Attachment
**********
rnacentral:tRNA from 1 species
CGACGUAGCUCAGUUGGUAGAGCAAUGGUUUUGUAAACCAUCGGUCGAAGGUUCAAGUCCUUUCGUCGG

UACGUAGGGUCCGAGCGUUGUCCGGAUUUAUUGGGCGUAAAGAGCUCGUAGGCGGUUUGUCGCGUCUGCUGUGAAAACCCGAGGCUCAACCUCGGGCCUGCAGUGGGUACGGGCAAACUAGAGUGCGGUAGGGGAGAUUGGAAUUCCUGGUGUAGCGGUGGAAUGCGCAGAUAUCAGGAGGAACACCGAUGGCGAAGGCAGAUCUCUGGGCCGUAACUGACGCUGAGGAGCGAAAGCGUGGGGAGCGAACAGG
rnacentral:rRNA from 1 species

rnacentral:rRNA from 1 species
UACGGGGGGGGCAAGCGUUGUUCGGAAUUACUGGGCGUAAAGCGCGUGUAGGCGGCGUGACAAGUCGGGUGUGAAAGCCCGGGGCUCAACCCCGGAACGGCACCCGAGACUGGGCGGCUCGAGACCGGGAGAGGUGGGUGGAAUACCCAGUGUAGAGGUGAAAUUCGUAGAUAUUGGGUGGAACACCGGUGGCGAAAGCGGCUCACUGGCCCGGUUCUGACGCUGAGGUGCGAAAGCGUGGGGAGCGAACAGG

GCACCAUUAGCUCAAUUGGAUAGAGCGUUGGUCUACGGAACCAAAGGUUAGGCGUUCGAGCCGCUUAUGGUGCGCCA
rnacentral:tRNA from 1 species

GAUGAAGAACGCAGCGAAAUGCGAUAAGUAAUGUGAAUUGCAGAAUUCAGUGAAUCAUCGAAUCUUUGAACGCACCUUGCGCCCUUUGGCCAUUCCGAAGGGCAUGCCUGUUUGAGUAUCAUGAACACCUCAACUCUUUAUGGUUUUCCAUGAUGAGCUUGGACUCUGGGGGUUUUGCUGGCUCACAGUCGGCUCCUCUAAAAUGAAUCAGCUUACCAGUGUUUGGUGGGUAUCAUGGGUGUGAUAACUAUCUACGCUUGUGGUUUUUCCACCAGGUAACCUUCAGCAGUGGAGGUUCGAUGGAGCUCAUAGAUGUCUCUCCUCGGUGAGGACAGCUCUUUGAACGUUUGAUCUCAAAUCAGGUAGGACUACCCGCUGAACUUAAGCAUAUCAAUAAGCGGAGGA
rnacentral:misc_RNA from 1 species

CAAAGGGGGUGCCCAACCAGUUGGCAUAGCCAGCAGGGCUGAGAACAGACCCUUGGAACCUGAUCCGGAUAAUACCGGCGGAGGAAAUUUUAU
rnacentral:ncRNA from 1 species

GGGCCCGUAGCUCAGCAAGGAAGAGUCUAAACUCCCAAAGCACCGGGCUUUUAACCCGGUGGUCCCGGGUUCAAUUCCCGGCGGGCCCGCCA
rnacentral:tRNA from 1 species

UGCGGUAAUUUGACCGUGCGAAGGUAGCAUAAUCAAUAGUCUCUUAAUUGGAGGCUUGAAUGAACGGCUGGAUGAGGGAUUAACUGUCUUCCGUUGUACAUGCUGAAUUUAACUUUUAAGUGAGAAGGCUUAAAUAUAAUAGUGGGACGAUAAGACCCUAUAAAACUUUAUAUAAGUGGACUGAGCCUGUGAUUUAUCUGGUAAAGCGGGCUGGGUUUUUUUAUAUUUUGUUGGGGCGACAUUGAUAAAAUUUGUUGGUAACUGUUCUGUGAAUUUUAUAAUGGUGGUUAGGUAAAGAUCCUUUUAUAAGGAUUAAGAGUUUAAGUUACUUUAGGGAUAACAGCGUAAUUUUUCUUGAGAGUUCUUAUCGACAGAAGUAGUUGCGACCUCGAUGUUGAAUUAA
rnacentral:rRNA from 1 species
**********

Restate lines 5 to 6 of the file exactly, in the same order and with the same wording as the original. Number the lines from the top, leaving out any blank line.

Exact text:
rnacentral:rRNA from 1 species
UACGGGGGGGGCAAGCGUUGUUCGGAAUUACUGGGCGUAAAGCGCGUGUAGGCGGCGUGACAAGUCGGGUGUGAAAGCCCGGGGCUCAACCCCGGAACGGCACCCGAGACUGGGCGGCUCGAGACCGGGAGAGGUGGGUGGAAUACCCAGUGUAGAGGUGAAAUUCGUAGAUAUUGGGUGGAACACCGGUGGCGAAAGCGGCUCACUGGCCCGGUUCUGACGCUGAGGUGCGAAAGCGUGGGGAGCGAACAGG